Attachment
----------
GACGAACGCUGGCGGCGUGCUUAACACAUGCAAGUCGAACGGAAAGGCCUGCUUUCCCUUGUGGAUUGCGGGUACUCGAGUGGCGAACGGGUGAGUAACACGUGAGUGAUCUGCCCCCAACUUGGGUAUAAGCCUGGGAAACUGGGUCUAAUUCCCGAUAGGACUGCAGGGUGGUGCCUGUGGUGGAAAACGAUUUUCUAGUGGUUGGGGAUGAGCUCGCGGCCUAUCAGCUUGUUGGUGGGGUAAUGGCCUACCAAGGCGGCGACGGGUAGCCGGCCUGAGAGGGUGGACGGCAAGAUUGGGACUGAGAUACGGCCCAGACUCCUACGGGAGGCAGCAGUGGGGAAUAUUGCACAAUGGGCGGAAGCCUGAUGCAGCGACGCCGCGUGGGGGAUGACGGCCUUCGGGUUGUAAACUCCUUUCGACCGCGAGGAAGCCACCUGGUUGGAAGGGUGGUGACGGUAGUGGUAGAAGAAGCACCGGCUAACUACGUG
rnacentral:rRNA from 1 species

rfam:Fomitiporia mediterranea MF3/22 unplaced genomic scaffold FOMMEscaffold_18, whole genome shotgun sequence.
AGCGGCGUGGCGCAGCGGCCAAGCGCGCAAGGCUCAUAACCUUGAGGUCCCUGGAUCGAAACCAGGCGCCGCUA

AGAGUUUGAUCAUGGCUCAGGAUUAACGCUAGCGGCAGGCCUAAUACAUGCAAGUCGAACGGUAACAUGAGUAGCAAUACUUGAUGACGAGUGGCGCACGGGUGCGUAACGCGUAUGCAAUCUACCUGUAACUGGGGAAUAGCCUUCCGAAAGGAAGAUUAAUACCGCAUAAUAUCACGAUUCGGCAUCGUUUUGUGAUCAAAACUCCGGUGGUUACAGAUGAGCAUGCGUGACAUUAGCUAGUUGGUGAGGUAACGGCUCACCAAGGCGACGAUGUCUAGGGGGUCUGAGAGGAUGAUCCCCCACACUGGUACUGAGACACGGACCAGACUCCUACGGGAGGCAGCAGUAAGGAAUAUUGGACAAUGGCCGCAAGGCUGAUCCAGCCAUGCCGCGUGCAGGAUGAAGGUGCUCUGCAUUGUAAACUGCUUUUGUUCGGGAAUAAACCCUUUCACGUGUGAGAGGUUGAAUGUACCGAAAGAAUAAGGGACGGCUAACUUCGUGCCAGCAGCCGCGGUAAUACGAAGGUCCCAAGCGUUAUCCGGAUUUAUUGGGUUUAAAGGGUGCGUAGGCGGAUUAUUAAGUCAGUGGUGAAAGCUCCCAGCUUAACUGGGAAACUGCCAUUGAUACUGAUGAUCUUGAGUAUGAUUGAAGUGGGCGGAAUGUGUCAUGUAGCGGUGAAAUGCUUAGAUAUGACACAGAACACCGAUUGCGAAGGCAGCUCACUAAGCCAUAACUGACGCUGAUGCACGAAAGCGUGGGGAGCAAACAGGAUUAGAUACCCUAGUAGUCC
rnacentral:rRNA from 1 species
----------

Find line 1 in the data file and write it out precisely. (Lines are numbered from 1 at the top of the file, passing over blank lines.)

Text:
GACGAACGCUGGCGGCGUGCUUAACACAUGCAAGUCGAACGGAAAGGCCUGCUUUCCCUUGUGGAUUGCGGGUACUCGAGUGGCGAACGGGUGAGUAACACGUGAGUGAUCUGCCCCCAACUUGGGUAUAAGCCUGGGAAACUGGGUCUAAUUCCCGAUAGGACUGCAGGGUGGUGCCUGUGGUGGAAAACGAUUUUCUAGUGGUUGGGGAUGAGCUCGCGGCCUAUCAGCUUGUUGGUGGGGUAAUGGCCUACCAAGGCGGCGACGGGUAGCCGGCCUGAGAGGGUGGACGGCAAGAUUGGGACUGAGAUACGGCCCAGACUCCUACGGGAGGCAGCAGUGGGGAAUAUUGCACAAUGGGCGGAAGCCUGAUGCAGCGACGCCGCGUGGGGGAUGACGGCCUUCGGGUUGUAAACUCCUUUCGACCGCGAGGAAGCCACCUGGUUGGAAGGGUGGUGACGGUAGUGGUAGAAGAAGCACCGGCUAACUACGUG